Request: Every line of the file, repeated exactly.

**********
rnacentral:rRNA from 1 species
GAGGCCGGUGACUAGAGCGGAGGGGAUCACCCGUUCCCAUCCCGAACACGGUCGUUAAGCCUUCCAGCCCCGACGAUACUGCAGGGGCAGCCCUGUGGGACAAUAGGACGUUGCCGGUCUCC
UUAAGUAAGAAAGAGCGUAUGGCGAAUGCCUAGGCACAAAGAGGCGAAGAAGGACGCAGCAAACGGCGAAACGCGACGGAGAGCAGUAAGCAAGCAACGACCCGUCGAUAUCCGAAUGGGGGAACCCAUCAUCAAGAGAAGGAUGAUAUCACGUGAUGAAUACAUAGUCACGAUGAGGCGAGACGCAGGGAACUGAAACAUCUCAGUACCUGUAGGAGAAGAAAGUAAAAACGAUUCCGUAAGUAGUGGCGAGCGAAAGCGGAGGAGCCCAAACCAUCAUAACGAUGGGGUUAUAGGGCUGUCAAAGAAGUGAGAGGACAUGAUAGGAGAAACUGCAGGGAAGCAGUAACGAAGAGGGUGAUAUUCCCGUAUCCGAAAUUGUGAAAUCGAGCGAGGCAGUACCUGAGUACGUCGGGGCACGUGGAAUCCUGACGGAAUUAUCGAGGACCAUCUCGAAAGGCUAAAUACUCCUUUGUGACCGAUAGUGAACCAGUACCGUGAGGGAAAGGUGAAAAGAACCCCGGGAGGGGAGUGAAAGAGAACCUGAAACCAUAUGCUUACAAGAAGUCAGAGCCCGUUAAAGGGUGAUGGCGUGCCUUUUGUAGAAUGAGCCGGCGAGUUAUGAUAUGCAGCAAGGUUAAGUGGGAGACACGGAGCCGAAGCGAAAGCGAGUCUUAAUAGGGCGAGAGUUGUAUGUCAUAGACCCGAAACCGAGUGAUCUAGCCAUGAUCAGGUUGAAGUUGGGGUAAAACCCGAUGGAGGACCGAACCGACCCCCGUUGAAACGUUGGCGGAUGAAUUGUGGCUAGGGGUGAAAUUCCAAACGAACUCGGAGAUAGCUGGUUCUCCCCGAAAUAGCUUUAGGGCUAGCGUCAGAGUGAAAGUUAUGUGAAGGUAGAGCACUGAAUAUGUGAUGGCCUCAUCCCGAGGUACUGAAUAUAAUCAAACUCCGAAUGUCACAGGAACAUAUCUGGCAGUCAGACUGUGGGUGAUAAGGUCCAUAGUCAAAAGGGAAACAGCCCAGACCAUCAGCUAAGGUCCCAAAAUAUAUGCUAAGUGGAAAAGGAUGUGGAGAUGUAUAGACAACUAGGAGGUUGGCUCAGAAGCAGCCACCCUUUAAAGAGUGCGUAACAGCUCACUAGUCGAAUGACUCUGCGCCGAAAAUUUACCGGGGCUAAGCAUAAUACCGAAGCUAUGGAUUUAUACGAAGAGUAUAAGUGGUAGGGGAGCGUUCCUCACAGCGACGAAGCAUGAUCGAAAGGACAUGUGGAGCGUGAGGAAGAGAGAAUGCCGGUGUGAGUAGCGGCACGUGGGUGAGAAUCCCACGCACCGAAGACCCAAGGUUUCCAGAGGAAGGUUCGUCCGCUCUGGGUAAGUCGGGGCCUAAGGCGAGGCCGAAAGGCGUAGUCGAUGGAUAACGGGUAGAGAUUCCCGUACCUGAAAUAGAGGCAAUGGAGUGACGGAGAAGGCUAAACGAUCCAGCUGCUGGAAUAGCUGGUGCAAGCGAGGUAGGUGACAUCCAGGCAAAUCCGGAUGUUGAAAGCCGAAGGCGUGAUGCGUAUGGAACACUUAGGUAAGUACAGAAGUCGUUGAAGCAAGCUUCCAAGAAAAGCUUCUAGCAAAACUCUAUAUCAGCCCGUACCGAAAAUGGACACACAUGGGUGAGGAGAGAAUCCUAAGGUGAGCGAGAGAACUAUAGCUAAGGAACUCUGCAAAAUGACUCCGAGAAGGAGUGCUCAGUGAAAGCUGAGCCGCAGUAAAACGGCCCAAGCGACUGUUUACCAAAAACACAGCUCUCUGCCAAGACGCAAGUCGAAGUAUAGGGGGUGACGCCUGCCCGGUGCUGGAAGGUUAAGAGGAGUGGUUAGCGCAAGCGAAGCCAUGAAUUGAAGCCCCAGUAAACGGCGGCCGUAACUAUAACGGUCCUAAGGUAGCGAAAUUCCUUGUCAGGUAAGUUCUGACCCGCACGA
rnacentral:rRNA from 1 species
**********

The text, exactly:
rnacentral:rRNA from 1 species
GAGGCCGGUGACUAGAGCGGAGGGGAUCACCCGUUCCCAUCCCGAACACGGUCGUUAAGCCUUCCAGCCCCGACGAUACUGCAGGGGCAGCCCUGUGGGACAAUAGGACGUUGCCGGUCUCC
UUAAGUAAGAAAGAGCGUAUGGCGAAUGCCUAGGCACAAAGAGGCGAAGAAGGACGCAGCAAACGGCGAAACGCGACGGAGAGCAGUAAGCAAGCAACGACCCGUCGAUAUCCGAAUGGGGGAACCCAUCAUCAAGAGAAGGAUGAUAUCACGUGAUGAAUACAUAGUCACGAUGAGGCGAGACGCAGGGAACUGAAACAUCUCAGUACCUGUAGGAGAAGAAAGUAAAAACGAUUCCGUAAGUAGUGGCGAGCGAAAGCGGAGGAGCCCAAACCAUCAUAACGAUGGGGUUAUAGGGCUGUCAAAGAAGUGAGAGGACAUGAUAGGAGAAACUGCAGGGAAGCAGUAACGAAGAGGGUGAUAUUCCCGUAUCCGAAAUUGUGAAAUCGAGCGAGGCAGUACCUGAGUACGUCGGGGCACGUGGAAUCCUGACGGAAUUAUCGAGGACCAUCUCGAAAGGCUAAAUACUCCUUUGUGACCGAUAGUGAACCAGUACCGUGAGGGAAAGGUGAAAAGAACCCCGGGAGGGGAGUGAAAGAGAACCUGAAACCAUAUGCUUACAAGAAGUCAGAGCCCGUUAAAGGGUGAUGGCGUGCCUUUUGUAGAAUGAGCCGGCGAGUUAUGAUAUGCAGCAAGGUUAAGUGGGAGACACGGAGCCGAAGCGAAAGCGAGUCUUAAUAGGGCGAGAGUUGUAUGUCAUAGACCCGAAACCGAGUGAUCUAGCCAUGAUCAGGUUGAAGUUGGGGUAAAACCCGAUGGAGGACCGAACCGACCCCCGUUGAAACGUUGGCGGAUGAAUUGUGGCUAGGGGUGAAAUUCCAAACGAACUCGGAGAUAGCUGGUUCUCCCCGAAAUAGCUUUAGGGCUAGCGUCAGAGUGAAAGUUAUGUGAAGGUAGAGCACUGAAUAUGUGAUGGCCUCAUCCCGAGGUACUGAAUAUAAUCAAACUCCGAAUGUCACAGGAACAUAUCUGGCAGUCAGACUGUGGGUGAUAAGGUCCAUAGUCAAAAGGGAAACAGCCCAGACCAUCAGCUAAGGUCCCAAAAUAUAUGCUAAGUGGAAAAGGAUGUGGAGAUGUAUAGACAACUAGGAGGUUGGCUCAGAAGCAGCCACCCUUUAAAGAGUGCGUAACAGCUCACUAGUCGAAUGACUCUGCGCCGAAAAUUUACCGGGGCUAAGCAUAAUACCGAAGCUAUGGAUUUAUACGAAGAGUAUAAGUGGUAGGGGAGCGUUCCUCACAGCGACGAAGCAUGAUCGAAAGGACAUGUGGAGCGUGAGGAAGAGAGAAUGCCGGUGUGAGUAGCGGCACGUGGGUGAGAAUCCCACGCACCGAAGACCCAAGGUUUCCAGAGGAAGGUUCGUCCGCUCUGGGUAAGUCGGGGCCUAAGGCGAGGCCGAAAGGCGUAGUCGAUGGAUAACGGGUAGAGAUUCCCGUACCUGAAAUAGAGGCAAUGGAGUGACGGAGAAGGCUAAACGAUCCAGCUGCUGGAAUAGCUGGUGCAAGCGAGGUAGGUGACAUCCAGGCAAAUCCGGAUGUUGAAAGCCGAAGGCGUGAUGCGUAUGGAACACUUAGGUAAGUACAGAAGUCGUUGAAGCAAGCUUCCAAGAAAAGCUUCUAGCAAAACUCUAUAUCAGCCCGUACCGAAAAUGGACACACAUGGGUGAGGAGAGAAUCCUAAGGUGAGCGAGAGAACUAUAGCUAAGGAACUCUGCAAAAUGACUCCGAGAAGGAGUGCUCAGUGAAAGCUGAGCCGCAGUAAAACGGCCCAAGCGACUGUUUACCAAAAACACAGCUCUCUGCCAAGACGCAAGUCGAAGUAUAGGGGGUGACGCCUGCCCGGUGCUGGAAGGUUAAGAGGAGUGGUUAGCGCAAGCGAAGCCAUGAAUUGAAGCCCCAGUAAACGGCGGCCGUAACUAUAACGGUCCUAAGGUAGCGAAAUUCCUUGUCAGGUAAGUUCUGACCCGCACGA
rnacentral:rRNA from 1 species